Matt Gurney: If deportation is appropriate for war criminals, why not for terrorists?

Matt Gurney is unsatisfied with the principle, “a Canadian is a Canadian is a Canadian” as an explanation why we revoke citizenship for fraud and misrepresentation but not for terrorism:

After the Second World War, thousands of citizens of defeated enemy nations — Germany, Italy, Japan — moved to Canada. These immigrants included many who had served in the armed forces of those nations, and perhaps had even fought against Canadians. Mere military service in a once-hostile nation was not, and should not have been, found to be sufficient cause to deny them citizenship once the war was over. In some rare cases, however, Canada later discovered (or was told) that people living here as naturalized Canadians had been involved, for instance, in the Holocaust. These individuals, once convicted of their war crimes, had their citizenship taken away and were returned to their original countries of origin to face justice.

If that’s appropriate for war criminals, why not for terrorists?

The legal answer would be, of course, that these individuals weren’t stripped of their passports because they were terrible people who had done awful things, but because they’d lied about having done those terrible things. But while perhaps legally valid, the argument is morally and pragmatically absurd. We don’t exile liars, nor should fraud be somehow treated as a crime worse than, say, genocide. The legal circumstances provided an excuse to what’s really, and rightly, an exercise in morality — denying the honour of Canadian citizenship to those who do not deserve it.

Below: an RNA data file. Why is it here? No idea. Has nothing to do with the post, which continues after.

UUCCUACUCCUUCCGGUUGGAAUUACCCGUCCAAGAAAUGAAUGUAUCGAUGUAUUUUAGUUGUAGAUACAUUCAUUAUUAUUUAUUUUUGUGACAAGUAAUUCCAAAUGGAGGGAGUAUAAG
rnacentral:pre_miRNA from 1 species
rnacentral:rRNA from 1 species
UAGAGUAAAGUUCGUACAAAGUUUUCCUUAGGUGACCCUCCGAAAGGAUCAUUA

If the Liberals wish to reverse parts of C-24, they of course have that right. They are the government. But concerned Canadians are owed more than slogans. The government should be clear why war criminals can be deported, but terrorists with dual nationalities can keep their passport forever. They may have an answer for it. If so, let’s hear it.

If I were writing the talking points:

  • There is a difference between one’s behaviour before one becomes a citizen and after one becomes Canadian
  • Before, all applicants must meet requirements (residency, language, knowledge etc) in order to take the oath and become citizens
  • Integrity is central to this process
  • Any misrepresentation or fraud, like any government program, means one loses the benefits of the particular program
  • After, all citizens must be treated equally before the law, whether Canadian-born or foreign-born, whether Canadian citizen only or dual-national
  • Current and past cases involve all of these variations, and should be subject to the same punishment. One should not have different punishments for the same crime

Responsive (if asked what about those lying when they take the oath)

  • There is no reliable way to test the sincerity of those taking the oath unlike the other, more easily verifiable, requirements

Comments or suggestions welcome …

Source: Matt Gurney: If deportation is appropriate for war criminals, why not for terrorists? | National Post

About Andrew
Andrew blogs and tweets public policy issues, particularly the relationship between the political and bureaucratic levels, citizenship and multiculturalism. His latest book, Policy Arrogance or Innocent Bias, recounts his experience as a senior public servant in this area.

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